The iPhone may well now be the most successful, trailblazing of all smartphones, but did you know it was very nearly canned?
That’s the revelation that Sir Jonathan Ive, senior vice president of Industrial Design at Apple, let loose during a British Business conference held in conjunction with the London 2012 Olympic Games. According to the British design whizz, initially he and Steve Jobs felt there were insurmountable technical challenges to overcome.
“We nearly shelved the phone because we thought there were fundamental problems that we can’t solve,” he said.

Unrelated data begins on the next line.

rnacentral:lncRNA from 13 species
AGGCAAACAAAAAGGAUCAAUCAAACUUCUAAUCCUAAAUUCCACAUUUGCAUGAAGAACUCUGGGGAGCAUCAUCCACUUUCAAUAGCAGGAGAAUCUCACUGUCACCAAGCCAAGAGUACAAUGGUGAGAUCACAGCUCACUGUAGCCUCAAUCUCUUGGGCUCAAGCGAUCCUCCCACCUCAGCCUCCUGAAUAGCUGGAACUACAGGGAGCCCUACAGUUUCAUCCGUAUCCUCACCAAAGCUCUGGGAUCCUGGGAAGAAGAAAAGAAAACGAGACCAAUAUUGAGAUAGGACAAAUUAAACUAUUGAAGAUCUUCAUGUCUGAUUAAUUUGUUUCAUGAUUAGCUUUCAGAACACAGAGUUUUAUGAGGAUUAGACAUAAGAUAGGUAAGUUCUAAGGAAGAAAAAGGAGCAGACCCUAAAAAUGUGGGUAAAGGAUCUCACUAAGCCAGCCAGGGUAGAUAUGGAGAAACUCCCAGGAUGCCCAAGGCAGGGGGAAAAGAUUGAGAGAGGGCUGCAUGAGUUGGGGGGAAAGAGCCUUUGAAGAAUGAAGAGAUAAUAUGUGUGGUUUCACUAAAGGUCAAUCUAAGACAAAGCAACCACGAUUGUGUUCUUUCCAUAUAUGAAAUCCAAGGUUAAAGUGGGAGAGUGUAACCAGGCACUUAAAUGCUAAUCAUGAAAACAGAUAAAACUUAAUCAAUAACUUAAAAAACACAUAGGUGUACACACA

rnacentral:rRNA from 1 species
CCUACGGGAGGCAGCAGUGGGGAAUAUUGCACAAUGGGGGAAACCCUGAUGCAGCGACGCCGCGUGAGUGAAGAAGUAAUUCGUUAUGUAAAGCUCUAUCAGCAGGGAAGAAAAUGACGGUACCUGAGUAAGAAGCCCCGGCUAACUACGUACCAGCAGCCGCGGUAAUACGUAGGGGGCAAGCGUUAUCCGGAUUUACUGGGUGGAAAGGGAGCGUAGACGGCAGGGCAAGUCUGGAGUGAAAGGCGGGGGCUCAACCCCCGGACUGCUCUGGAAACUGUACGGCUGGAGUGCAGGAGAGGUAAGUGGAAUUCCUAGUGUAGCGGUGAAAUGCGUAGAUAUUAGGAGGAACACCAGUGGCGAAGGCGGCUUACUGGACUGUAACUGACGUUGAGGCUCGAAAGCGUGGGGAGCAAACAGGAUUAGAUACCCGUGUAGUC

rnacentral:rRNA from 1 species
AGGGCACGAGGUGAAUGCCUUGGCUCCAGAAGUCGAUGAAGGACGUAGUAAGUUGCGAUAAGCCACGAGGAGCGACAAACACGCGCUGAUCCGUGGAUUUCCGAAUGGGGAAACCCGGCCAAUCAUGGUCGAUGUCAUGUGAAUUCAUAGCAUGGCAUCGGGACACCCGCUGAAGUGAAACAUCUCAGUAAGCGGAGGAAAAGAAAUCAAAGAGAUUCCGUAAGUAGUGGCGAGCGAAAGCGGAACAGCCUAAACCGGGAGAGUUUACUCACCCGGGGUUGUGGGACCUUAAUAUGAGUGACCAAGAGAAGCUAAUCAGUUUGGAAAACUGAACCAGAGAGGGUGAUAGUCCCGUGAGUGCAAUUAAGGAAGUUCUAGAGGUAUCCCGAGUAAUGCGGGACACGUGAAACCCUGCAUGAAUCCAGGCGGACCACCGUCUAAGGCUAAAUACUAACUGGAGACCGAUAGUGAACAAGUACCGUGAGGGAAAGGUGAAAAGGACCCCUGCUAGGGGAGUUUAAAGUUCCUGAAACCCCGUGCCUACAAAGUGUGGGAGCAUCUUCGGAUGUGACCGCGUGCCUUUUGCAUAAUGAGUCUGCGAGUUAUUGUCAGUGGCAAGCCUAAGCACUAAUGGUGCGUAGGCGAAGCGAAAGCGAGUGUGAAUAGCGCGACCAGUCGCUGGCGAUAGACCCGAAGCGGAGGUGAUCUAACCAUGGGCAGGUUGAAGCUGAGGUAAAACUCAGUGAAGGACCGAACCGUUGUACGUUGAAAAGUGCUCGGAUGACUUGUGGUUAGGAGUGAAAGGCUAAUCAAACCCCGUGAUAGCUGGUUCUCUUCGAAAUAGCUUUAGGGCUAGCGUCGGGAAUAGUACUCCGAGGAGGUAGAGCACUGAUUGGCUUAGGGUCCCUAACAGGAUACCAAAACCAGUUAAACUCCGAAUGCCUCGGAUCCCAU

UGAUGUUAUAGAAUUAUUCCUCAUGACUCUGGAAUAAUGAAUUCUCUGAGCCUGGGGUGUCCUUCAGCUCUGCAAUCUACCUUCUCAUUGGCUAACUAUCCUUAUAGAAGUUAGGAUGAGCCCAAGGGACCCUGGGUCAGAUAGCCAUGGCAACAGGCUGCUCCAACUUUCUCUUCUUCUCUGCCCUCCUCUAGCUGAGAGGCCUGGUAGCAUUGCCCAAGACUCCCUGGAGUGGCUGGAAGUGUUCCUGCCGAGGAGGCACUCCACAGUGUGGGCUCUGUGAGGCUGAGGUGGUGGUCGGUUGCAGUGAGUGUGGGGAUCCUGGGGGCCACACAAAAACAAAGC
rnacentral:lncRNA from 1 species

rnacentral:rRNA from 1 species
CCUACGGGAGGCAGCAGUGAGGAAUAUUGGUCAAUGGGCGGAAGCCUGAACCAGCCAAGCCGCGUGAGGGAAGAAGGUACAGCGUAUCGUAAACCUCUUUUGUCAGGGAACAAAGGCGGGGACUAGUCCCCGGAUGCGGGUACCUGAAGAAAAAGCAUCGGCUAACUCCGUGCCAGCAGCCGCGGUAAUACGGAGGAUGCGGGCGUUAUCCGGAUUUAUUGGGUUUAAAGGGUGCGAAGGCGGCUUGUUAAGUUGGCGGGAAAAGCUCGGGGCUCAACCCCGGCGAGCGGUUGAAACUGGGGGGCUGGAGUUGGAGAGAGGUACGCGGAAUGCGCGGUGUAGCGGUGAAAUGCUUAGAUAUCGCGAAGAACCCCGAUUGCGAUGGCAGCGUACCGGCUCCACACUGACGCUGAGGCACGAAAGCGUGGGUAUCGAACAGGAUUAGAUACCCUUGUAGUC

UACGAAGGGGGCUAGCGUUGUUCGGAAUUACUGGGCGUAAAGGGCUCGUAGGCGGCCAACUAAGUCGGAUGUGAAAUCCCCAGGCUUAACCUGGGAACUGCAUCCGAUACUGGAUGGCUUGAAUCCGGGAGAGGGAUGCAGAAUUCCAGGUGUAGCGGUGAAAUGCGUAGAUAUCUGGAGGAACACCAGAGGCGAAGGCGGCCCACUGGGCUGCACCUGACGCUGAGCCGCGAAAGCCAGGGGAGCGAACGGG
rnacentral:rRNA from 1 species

“With the early prototypes, I held the phone to my ear and my ear [would] dial the number. You have to detect all sorts of ear-shapes and chin shapes, skin colour and hairdo… that was one of just many examples where we really thought, perhaps this isn’t going to work.
And despite continually hitting ridiculous quarterly revenue results (the company posted quarterly revenue of $35.0 billion and quarterly net profit of $8.8 billion for Q3 2012), Ive insists it’s not all about making money.
“Our goal isn’t to make money,” he said.
“Our goal absolutely at Apple is not to make money. This may sound a little flippant, but it’s the truth. Our goal and what gets us excited is to try to make great products. We trust that if we are successful people will like them, and if we are operationally competent we will make revenue, but we are very clear about our goal.”
By Gerald Lynch | August 1st, 2012